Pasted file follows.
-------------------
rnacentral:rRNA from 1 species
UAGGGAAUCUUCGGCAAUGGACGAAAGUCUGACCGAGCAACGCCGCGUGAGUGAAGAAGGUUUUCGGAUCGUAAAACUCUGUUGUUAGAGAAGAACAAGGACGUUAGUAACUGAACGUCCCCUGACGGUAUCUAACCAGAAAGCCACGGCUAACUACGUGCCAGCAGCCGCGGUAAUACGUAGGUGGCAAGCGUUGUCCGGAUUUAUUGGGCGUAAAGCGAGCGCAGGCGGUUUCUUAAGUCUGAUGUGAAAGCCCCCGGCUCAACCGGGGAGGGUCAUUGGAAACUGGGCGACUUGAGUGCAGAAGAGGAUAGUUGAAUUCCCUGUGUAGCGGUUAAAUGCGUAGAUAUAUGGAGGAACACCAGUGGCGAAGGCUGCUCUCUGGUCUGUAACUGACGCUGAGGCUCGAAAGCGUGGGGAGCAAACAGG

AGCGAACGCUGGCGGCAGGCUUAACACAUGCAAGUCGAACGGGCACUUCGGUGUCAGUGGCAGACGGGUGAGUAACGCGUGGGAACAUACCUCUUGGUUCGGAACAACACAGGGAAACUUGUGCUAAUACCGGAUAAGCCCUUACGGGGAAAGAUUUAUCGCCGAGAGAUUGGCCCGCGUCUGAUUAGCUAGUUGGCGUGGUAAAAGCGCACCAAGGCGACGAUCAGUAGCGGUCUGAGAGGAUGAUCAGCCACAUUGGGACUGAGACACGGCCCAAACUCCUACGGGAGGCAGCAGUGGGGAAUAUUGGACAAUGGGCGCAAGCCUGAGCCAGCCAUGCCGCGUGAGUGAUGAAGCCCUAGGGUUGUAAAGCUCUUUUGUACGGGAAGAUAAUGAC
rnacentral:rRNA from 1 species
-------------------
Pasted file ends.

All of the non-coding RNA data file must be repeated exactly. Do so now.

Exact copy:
rnacentral:rRNA from 1 species
UAGGGAAUCUUCGGCAAUGGACGAAAGUCUGACCGAGCAACGCCGCGUGAGUGAAGAAGGUUUUCGGAUCGUAAAACUCUGUUGUUAGAGAAGAACAAGGACGUUAGUAACUGAACGUCCCCUGACGGUAUCUAACCAGAAAGCCACGGCUAACUACGUGCCAGCAGCCGCGGUAAUACGUAGGUGGCAAGCGUUGUCCGGAUUUAUUGGGCGUAAAGCGAGCGCAGGCGGUUUCUUAAGUCUGAUGUGAAAGCCCCCGGCUCAACCGGGGAGGGUCAUUGGAAACUGGGCGACUUGAGUGCAGAAGAGGAUAGUUGAAUUCCCUGUGUAGCGGUUAAAUGCGUAGAUAUAUGGAGGAACACCAGUGGCGAAGGCUGCUCUCUGGUCUGUAACUGACGCUGAGGCUCGAAAGCGUGGGGAGCAAACAGG

AGCGAACGCUGGCGGCAGGCUUAACACAUGCAAGUCGAACGGGCACUUCGGUGUCAGUGGCAGACGGGUGAGUAACGCGUGGGAACAUACCUCUUGGUUCGGAACAACACAGGGAAACUUGUGCUAAUACCGGAUAAGCCCUUACGGGGAAAGAUUUAUCGCCGAGAGAUUGGCCCGCGUCUGAUUAGCUAGUUGGCGUGGUAAAAGCGCACCAAGGCGACGAUCAGUAGCGGUCUGAGAGGAUGAUCAGCCACAUUGGGACUGAGACACGGCCCAAACUCCUACGGGAGGCAGCAGUGGGGAAUAUUGGACAAUGGGCGCAAGCCUGAGCCAGCCAUGCCGCGUGAGUGAUGAAGCCCUAGGGUUGUAAAGCUCUUUUGUACGGGAAGAUAAUGAC
rnacentral:rRNA from 1 species